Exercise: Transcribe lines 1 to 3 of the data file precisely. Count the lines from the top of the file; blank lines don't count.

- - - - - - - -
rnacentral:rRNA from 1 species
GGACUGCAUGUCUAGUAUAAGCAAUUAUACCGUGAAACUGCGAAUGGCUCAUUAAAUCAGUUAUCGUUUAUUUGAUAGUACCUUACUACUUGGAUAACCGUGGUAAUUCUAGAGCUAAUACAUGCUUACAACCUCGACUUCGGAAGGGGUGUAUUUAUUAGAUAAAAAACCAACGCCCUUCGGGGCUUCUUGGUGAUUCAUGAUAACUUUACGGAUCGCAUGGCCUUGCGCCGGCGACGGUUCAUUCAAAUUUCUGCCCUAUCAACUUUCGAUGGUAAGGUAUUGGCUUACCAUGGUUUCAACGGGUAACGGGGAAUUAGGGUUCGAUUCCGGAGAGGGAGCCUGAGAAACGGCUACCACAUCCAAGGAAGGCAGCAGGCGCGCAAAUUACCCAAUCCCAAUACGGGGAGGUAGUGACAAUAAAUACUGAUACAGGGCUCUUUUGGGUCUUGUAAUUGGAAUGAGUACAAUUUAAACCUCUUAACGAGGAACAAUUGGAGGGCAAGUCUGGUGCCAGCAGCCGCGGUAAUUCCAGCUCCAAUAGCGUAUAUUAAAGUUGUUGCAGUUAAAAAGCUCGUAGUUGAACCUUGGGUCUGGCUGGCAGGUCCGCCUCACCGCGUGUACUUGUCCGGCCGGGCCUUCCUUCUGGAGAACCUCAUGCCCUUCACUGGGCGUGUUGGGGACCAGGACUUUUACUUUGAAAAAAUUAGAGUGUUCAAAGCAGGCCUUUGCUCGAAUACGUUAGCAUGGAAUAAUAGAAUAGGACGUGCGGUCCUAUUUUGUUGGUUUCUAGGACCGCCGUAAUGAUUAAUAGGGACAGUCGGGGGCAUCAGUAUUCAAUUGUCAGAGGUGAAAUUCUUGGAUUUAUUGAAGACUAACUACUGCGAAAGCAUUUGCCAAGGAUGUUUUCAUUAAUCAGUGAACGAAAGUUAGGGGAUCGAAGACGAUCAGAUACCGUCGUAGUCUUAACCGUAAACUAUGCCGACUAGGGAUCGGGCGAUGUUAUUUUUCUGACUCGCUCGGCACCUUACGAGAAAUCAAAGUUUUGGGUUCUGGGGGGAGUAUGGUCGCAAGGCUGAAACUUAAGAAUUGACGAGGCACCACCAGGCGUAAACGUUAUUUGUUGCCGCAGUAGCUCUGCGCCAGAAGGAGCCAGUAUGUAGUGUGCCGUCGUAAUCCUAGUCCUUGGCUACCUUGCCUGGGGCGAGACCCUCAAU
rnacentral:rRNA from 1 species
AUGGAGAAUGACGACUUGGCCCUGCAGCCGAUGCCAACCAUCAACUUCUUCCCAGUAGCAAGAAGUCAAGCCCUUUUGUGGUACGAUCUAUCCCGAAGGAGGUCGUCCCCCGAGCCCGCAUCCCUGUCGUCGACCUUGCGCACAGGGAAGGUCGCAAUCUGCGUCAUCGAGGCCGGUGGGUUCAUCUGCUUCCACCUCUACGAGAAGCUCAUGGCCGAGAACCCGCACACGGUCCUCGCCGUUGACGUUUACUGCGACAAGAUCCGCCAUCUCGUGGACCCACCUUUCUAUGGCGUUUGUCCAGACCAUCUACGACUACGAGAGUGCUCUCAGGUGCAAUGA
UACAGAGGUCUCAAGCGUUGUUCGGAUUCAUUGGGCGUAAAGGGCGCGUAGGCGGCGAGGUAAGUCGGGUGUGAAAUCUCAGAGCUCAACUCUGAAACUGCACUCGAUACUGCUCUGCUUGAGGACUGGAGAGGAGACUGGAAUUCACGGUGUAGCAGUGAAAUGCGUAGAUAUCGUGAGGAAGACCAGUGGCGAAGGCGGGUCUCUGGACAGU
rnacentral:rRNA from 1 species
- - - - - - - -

rnacentral:rRNA from 1 species
GGACUGCAUGUCUAGUAUAAGCAAUUAUACCGUGAAACUGCGAAUGGCUCAUUAAAUCAGUUAUCGUUUAUUUGAUAGUACCUUACUACUUGGAUAACCGUGGUAAUUCUAGAGCUAAUACAUGCUUACAACCUCGACUUCGGAAGGGGUGUAUUUAUUAGAUAAAAAACCAACGCCCUUCGGGGCUUCUUGGUGAUUCAUGAUAACUUUACGGAUCGCAUGGCCUUGCGCCGGCGACGGUUCAUUCAAAUUUCUGCCCUAUCAACUUUCGAUGGUAAGGUAUUGGCUUACCAUGGUUUCAACGGGUAACGGGGAAUUAGGGUUCGAUUCCGGAGAGGGAGCCUGAGAAACGGCUACCACAUCCAAGGAAGGCAGCAGGCGCGCAAAUUACCCAAUCCCAAUACGGGGAGGUAGUGACAAUAAAUACUGAUACAGGGCUCUUUUGGGUCUUGUAAUUGGAAUGAGUACAAUUUAAACCUCUUAACGAGGAACAAUUGGAGGGCAAGUCUGGUGCCAGCAGCCGCGGUAAUUCCAGCUCCAAUAGCGUAUAUUAAAGUUGUUGCAGUUAAAAAGCUCGUAGUUGAACCUUGGGUCUGGCUGGCAGGUCCGCCUCACCGCGUGUACUUGUCCGGCCGGGCCUUCCUUCUGGAGAACCUCAUGCCCUUCACUGGGCGUGUUGGGGACCAGGACUUUUACUUUGAAAAAAUUAGAGUGUUCAAAGCAGGCCUUUGCUCGAAUACGUUAGCAUGGAAUAAUAGAAUAGGACGUGCGGUCCUAUUUUGUUGGUUUCUAGGACCGCCGUAAUGAUUAAUAGGGACAGUCGGGGGCAUCAGUAUUCAAUUGUCAGAGGUGAAAUUCUUGGAUUUAUUGAAGACUAACUACUGCGAAAGCAUUUGCCAAGGAUGUUUUCAUUAAUCAGUGAACGAAAGUUAGGGGAUCGAAGACGAUCAGAUACCGUCGUAGUCUUAACCGUAAACUAUGCCGACUAGGGAUCGGGCGAUGUUAUUUUUCUGACUCGCUCGGCACCUUACGAGAAAUCAAAGUUUUGGGUUCUGGGGGGAGUAUGGUCGCAAGGCUGAAACUUAAGAAUUGACGAGGCACCACCAGGCGUAAACGUUAUUUGUUGCCGCAGUAGCUCUGCGCCAGAAGGAGCCAGUAUGUAGUGUGCCGUCGUAAUCCUAGUCCUUGGCUACCUUGCCUGGGGCGAGACCCUCAAU
rnacentral:rRNA from 1 species